We can’t let up for an instant.

It’s pedal to the metal time. All out to the White House on Nov. 6.

For more information or to sign up to be part of the Nov. 6 action, click here.

 

EcoWatch Daily Newsletter

A protest against the name of the Washington Redskins in Minneapolis, Minnesota on Nov. 2, 2014. Fibonacci Blue / CC BY 2.0

The Washington Redskins will retire their controversial name and logo, the National Football League (NFL) team announced Monday.

Read More Show Less
The survival tools northern fish have used for millennia could be a disadvantage as environmental conditions warm and more fast-paced species move in. Istvan Banyai / Wikimedia Commons / CC by 3.0

By Alyssa Murdoch, Chrystal Mantyka-Pringle and Sapna Sharma

Summer has finally arrived in the northern reaches of Canada and Alaska, liberating hundreds of thousands of northern stream fish from their wintering habitats.

Read More Show Less
A mother walks her children through a fountain on a warm summer day on July 12, 2020 in Hoboken, New Jersey. Gary Hershorn / Getty Images

A heat wave that set in over the South and Southwest left much of the U.S. blanketed in record-breaking triple digit temperatures over the weekend. The widespread and intense heat wave will last for weeks, making the magnitude and duration of its heat impressive, according to The Washington Post.

Read More Show Less
If you get a call from a number you don't recognize, don't hit decline — it might be a contact tracer calling to let you know that someone you've been near has tested positive for the coronavirus. blackCAT / Getty Images

By Joni Sweet

If you get a call from a number you don't recognize, don't hit decline — it might be a contact tracer calling to let you know that someone you've been near has tested positive for the coronavirus.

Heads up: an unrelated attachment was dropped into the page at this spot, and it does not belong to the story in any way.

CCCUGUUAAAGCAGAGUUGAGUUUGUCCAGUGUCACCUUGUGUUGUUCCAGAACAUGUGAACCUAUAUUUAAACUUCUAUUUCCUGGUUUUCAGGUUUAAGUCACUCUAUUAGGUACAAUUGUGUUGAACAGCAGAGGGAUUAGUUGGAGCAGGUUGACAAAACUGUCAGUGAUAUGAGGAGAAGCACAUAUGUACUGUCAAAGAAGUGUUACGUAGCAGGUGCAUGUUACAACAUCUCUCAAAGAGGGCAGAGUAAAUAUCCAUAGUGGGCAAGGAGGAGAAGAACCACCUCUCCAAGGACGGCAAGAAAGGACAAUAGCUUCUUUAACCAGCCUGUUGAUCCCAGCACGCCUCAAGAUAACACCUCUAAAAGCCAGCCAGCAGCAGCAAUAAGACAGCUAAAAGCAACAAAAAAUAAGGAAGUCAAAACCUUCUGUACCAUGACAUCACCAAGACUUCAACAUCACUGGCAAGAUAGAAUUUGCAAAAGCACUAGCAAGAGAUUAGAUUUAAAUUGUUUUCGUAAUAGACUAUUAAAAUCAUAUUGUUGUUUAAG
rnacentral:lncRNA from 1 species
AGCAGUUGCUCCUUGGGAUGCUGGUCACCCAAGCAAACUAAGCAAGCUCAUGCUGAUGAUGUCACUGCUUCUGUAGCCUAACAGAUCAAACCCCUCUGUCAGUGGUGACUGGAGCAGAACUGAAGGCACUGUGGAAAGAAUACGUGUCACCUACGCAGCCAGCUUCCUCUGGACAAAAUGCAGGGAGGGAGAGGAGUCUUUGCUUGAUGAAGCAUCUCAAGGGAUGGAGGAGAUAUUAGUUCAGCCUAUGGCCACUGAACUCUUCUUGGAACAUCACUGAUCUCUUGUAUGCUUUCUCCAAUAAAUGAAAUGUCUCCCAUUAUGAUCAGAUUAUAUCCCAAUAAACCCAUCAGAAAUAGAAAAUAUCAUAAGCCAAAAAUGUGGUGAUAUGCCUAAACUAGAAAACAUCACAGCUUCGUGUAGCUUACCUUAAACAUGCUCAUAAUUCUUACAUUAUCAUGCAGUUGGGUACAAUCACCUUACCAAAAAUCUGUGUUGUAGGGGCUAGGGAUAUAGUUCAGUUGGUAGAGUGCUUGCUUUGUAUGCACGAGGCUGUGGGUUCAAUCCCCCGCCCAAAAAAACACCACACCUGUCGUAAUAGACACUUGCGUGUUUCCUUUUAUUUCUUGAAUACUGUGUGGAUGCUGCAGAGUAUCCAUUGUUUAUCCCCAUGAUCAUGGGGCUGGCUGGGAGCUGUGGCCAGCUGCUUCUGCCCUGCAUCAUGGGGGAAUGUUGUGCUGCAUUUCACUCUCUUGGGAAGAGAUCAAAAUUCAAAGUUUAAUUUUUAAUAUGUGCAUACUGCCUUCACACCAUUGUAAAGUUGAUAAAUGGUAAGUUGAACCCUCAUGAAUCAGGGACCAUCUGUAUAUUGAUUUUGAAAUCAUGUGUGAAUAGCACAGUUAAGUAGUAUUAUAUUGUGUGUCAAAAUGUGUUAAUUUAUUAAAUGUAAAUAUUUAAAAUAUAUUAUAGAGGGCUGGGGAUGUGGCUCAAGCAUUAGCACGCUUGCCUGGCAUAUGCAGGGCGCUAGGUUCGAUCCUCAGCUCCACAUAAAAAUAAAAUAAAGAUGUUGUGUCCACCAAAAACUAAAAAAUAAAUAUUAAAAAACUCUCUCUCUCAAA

Read More Show Less
Aerial view of burnt areas of the Amazon rainforest, near Porto Velho, Rondonia state, Brazil, on Aug. 24, 2019. CARLOS FABAL / AFP via Getty Images

NASA scientists say that warmer than average surface sea temperatures in the North Atlantic raise the concern for a more active hurricane season, as well as for wildfires in the Amazon thousands of miles away, according to Newsweek.

Read More Show Less
A baby receives limited treatment at a hospital in Yemen on June 27, 2020. Mohammed Hamoud / Anadolu Agency / Getty Images

By Andrea Germanos

Oxfam International warned Thursday that up to 12,000 people could die each day by the end of the year as a result of hunger linked to the coronavirus pandemic—a daily death toll surpassing the daily mortality rate from Covid-19 itself.

Read More Show Less

Trending

The 2006 oil spill was the largest incident in Philippine history and damaged 1,600 acres of mangrove forests. Shubert Ciencia / Flickr / CC BY 2.0

By Jun N. Aguirre

An oil spill on July 3 threatens a mangrove forest on the Philippine island of Guimaras, an area only just recovering from the country's largest spill in 2006.

Read More Show Less